Healthy People eLearning Webinar: Reducing Childhood Obesity (Part 2 of 10)

Healthy People eLearning Webinar: Reducing Childhood Obesity (Part 2 of 10)


>>LAURA KETTEL KHAN: let’s go to the next
slide. What I’d like to talk about today is what is the evidence related to obesity prevention
especially at the community level. Obesity has been on the rise over the past
two decades. And, I think most of you on the phone know that. Between 1988–1994 and 2009–2010,
the obesity rate among children and adolescents age 2 to 19 increased by 69% or 10% to 16.9%. Looking at both overweight and obesity combined, nearly 1 out of 3 children was overweight
or obese between 2007-2008. The obesity epidemic continues to be a challenging health concern. Next slide, please. Obesity is a national epidemic, it increases the risk for numerous
health outcomes and also causes higher medical costs and a lower quality of life. Obese children
are more likely to have high blood pressure, high cholesterol, diabetes, breathing problems,
joint problems, and other chronic diseases. They are also more likely to develop social
and psychological problems. In addition, obese children are more likely to become obese adults.
Which is even more problematic. Chronic diseases associated with obesity — such
as heart disease, stroke, cancer, and diabetes — are among the most prevalent, costly, and
preventable of all health problems. The medical care costs of obesity in the United States
are staggering. In 2008, these costs totaled more than $147 billion dollars.
By addressing obesity, we can help reduce the risk of life-threatening, costly, chronic
conditions and help address the significant costs for the health care system. Next slide,
please. What I’d like to focus on today, just really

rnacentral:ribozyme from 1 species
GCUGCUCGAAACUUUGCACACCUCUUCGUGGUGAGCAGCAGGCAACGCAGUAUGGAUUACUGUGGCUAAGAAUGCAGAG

quickly, is a significant problem in terms of the scientific evidence. We know obesity
is a problem of caloric intake and expenditure of calories, you know, out But the problem
is the evidence base is very, very weak especially at the population level. So, one of our major
goals is to build this population-based evidence. The strategy is to link local and multi-sector
partners and scaling up that knowledge to state and national efforts. Next slide, please.
The high-priority strategies and indicators that we have are number one, increase access
to healthy foods and beverages by providing access to healthier food and retail or healthier
food retail and farmers markets. Secondly, to implement food service guidelines and nutrition
standards where foods and beverages are available in priority settings, such as early child
care centers and worksites. Next slide, please. The third is implementing policies and practices
that create supportive nutritional environments in schools, including: establishing standards
for all competitive foods; prohibiting advertising of unhealthy foods; and promoting healthy
foods in in schools, including those sold and served within the school meal program,
from USDA and and others, as well as in. And finally increase physical activity access
and outreach by creating or enhancing access to places for physical activity, which focus
on walking combined with informational outreach, and design our communities and our streets
so that physical activity is an easy thing to do or so that individuals can be easily
physical active. Next slide, please. What I’d like to share with you is, and it’s
very exciting news, we have a number of places or localities around the country that are